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© Serah Iyare 2017
Efosa embraced his wife and beamed with joy. It was their tenth wedding Anniversary. It was also his forty-fifth birthday and her thirty-fifth birthday. His parents and siblings, inclusive her parents and siblings were in Lagos to celebrate with them. It was a private party, just them and their immediate families. God had given them a beautiful nine-year-old girl, Edua and his wife was seven months pregnant with their twin boys. When they found out a month ago, after her scan at the Ante-natal clinic, their joy had known no bounds. They had been praying to God to bless them with another child since the birth of their daughter. At a point, they lost hope. Just when they were about to give up completely, and while contemplating adopting a child, God surprised them with a miracle pregnancy and it turned out to be twin boys. Exactly what they had been praying for, a male child, but God graced them with two! Double portion!
His transport business was also moving well and he had been able to buy a house, a six-bedroom duplex in Lokogoma, Apo, a segregated part of Abuja. He had about eight luxurious buses plying different routes all over the country. Business was good and he had been able to set up a first grade butik for his wife in Wuse market. Presently, she owned about three other shops in other parts of the Federal Capital Territory. God had blessed them richly and they were eternally grateful.
Efosa and Adesua turned towards the eight steps cake, holding a table knife. Everyone sang for them, and at the end of the song, they cut the cake. Their parents and siblings clapped and cheered as the couple kissed.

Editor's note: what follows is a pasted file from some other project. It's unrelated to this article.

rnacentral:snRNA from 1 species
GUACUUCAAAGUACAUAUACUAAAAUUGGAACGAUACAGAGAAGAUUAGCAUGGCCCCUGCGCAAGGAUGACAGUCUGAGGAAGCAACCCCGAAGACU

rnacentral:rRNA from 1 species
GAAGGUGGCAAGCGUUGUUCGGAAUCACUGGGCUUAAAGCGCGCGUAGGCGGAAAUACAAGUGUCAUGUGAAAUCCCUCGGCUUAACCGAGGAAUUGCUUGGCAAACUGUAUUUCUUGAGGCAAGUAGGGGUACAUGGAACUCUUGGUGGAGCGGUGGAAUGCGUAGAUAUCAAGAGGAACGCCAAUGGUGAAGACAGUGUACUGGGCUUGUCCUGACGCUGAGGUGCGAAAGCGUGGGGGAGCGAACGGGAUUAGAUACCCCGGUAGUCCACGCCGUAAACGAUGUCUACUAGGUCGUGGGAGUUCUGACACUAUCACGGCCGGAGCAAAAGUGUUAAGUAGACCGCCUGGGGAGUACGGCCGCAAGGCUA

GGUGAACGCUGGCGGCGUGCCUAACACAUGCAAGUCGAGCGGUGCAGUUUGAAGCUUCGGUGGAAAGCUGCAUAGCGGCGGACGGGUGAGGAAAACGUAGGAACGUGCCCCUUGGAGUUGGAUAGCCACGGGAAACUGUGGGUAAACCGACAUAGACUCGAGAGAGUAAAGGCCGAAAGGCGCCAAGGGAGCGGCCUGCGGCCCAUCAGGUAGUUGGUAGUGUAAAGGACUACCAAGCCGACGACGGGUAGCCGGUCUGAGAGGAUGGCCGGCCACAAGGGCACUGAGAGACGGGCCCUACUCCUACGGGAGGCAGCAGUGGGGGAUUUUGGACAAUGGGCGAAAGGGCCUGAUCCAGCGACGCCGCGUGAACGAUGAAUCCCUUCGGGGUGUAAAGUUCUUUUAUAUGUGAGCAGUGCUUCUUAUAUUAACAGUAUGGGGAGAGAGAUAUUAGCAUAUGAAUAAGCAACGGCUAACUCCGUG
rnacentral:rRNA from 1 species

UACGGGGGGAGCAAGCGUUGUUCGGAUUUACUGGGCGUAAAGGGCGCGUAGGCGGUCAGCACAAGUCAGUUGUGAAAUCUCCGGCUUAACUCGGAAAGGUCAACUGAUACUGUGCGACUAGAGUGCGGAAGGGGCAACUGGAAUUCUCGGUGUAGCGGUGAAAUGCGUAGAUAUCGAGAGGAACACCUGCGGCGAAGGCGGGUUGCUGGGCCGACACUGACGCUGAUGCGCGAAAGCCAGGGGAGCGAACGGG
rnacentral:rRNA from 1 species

Edua jumped in excitement. She loved to see her parents happy. She stood by their side and grinned from ear to ear. It was a good thing that her mother would be delivering a set of twins soon. She had been an only child for far too long. It would be fun to have two little brothers. Most of her school mates had younger siblings and she often wondered what it was like. She was going to get a first-hand experience once the babies arrived.
The photographer moved around, taking pictures of the celebrants and everyone else, while the video-man covered the event.
Osagie and Osaze, Efosa’s younger brothers walked out of the large sitting room and stood at a slightly dark corner in the hall way. They opened a bottle of fruit wine and emptied a whitish powdery substance in it. Osaze shook the bottle till the substance blended with the wine. Osagie grinned with satisfaction, grabbed his brother’s hands and pulled him along. They returned to the party room and approached the celebrants.
“Congratulations!” Osagie shook hands with his elder brother.
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“Hey… thanks,” Efosa smiled in appreciation.
“God has blessed you on all sides. We rejoice with you,” Osaze chimed in.
“Thank you. I am grateful,” he looked from one to the other.
Osagie refilled the couples’ half-empty glasses with the fruit wine he was holding.
“Thank you,” the celebrants chorused. They sipped at their drink and ate from the cake on their plate.
Edua tugged at her uncle’s trouser, “I want some too,” she raised her empty glass.
Adesua eyed her daughter, “Don’t mind her.”